Excitement Builds as Virginia High School Science Bowl Nears

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Thirteen teams prepare to compete at Jefferson Lab on February 3

NEWPORT NEWS, VA – Excitement is building at Jefferson Lab as the date for the Virginia Regional High School Science Bowl draws near. The lab will welcome 13 teams to this year’s event on Saturday, February 3.

“We are looking forward to the teams and their coaches and family members attending the day-long academic tournament,” comments Christine Wheeler, Jefferson Lab Science Education administrator. “We can’t wait for the students to tackle the questions they will encounter this year.”

The National Science Bowl® has been sponsored annually by the Department of Energy’s Office of Science since 1991. Since the inception of the National Science Bowl®, approximately 275,000 middle and high school students have participated in tournaments around the country. The competition is meant to encourage students to excel in math and science and to pursue careers in science, technology, engineering and math.

Teams are comprised of four students, one alternate, and a teacher who serves as an advisor and coach. The teams face off in an intense question-and-answer format where contestants are quizzed on their knowledge of math and a range of science disciplines, including biology, chemistry, Earth science, physics and energy.

“This event can open doors of knowledge and opportunity for students," notes Wheeler. “Participating in the National Science Bowl® encourages students to explore math and science outside of the classroom, helping them to excel academically and preparing them for careers in STEM fields.”

The top three teams at the regional competition on Feb. 3 will earn cash prizes and team trophies for their respective schools. The top team also wins an expenses-paid trip to the National Science Bowl® finals to be held in Washington, D.C., April 26–30.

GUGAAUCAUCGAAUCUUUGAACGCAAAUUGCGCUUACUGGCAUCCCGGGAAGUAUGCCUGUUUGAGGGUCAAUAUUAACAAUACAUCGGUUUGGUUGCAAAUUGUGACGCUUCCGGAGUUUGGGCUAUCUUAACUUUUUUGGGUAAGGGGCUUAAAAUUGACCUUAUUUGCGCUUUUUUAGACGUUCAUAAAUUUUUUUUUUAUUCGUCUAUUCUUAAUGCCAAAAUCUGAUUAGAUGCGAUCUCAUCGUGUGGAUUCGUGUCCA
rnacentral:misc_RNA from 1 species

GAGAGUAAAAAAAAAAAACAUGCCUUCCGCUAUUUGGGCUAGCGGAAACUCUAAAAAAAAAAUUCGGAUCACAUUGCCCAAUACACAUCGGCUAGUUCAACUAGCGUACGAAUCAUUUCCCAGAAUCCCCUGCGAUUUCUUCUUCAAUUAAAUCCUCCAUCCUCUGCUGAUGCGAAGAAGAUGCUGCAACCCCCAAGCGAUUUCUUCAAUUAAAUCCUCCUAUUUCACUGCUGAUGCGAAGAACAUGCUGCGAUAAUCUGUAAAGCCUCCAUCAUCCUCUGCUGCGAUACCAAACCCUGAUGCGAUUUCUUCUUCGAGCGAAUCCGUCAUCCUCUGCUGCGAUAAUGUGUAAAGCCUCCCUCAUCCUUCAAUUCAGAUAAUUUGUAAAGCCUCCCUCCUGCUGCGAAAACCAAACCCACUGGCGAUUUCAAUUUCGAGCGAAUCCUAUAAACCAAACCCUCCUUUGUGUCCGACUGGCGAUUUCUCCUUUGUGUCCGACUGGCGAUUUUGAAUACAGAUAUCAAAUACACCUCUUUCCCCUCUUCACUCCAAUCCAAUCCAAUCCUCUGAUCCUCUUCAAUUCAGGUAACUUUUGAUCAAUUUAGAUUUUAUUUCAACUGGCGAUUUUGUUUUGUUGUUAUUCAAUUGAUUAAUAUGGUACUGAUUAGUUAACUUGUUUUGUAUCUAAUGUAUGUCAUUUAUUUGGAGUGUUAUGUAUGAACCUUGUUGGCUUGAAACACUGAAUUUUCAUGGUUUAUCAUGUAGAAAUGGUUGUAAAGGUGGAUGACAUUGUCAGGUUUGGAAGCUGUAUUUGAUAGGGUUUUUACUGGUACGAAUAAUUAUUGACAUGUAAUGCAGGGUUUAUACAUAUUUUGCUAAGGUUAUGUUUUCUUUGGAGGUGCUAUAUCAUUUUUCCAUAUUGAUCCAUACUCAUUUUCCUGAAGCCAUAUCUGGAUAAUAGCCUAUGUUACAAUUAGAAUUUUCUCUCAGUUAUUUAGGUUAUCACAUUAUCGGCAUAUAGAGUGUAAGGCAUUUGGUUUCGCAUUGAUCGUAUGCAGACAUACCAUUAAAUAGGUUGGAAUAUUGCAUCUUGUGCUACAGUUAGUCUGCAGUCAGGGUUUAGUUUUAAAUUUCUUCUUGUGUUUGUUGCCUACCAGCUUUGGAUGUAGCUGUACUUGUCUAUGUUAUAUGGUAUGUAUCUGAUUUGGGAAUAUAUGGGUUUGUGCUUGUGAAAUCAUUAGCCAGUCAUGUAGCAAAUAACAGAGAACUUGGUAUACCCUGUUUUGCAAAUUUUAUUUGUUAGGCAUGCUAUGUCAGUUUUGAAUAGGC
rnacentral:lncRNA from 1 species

Nearly 50 volunteers will conduct the competition. “This is a wonderful way for students to gain exposure to scientists, engineers and innovators. Our volunteers can provide the students with valuable insight into a variety of career opportunities, including research careers within the Department of Energy and national laboratory system,” Wheeler says.

The afternoon semi-final and final rounds begin around 1:45 p.m. in the CEBAF Center auditorium, located at 12000 Jefferson Ave., and will be open to the public. Seating in the auditorium is limited and available on a first-come, first-served basis. People arriving once capacity has been reached will be turned away. All those under age 16 must be accompanied by a parent or responsible adult. Everyone over 16 is asked to carry a valid photo ID. Security guards may perform ID, parcel and vehicle checks.

Virginia schools registered for the competition include (in alphabetical order):

Charlottesville High School, Charlottesville
Hayfield Secondary School, Alexandria
Hickory High School, Chesapeake
Langley High School, McLean
Maggie L. Walker Governor’s School for Government and International Studies, Richmond
New Horizons Governor’s School for Science and Technology, Hampton
Patrick Henry High School, Ashland
Patriot High School, Nokesville
St. Christopher’s School, Richmond
St. Stephen's & St. Agnes School, Alexandria
Thomas Jefferson High School for Science and Technology, Alexandria
Westfield High School, Chantilly
York High School, Yorktown

Jefferson Lab will also host the Virginia Regional Middle School Science Bowl on Saturday, March 3.

Learn more about DOE's National Science Bowl® competition at: https://science.energy.gov/wdts/nsb/ .

 

Contact: Deb Magaldi, Jefferson Lab Communications Office, 757-269-5102, magaldi@jlab.org

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Jefferson Science Associates, LLC, a joint venture of the Southeastern Universities Research Association, Inc. and PAE, manages and operates the Thomas Jefferson National Accelerator Facility, or Jefferson Lab, for the U.S. Department of Energy's Office of Science.

DOE’s Office of Science is the single largest supporter of basic research in the physical sciences in the United States, and is working to address some of the most pressing challenges of our time. For more information, visit science.energy.gov.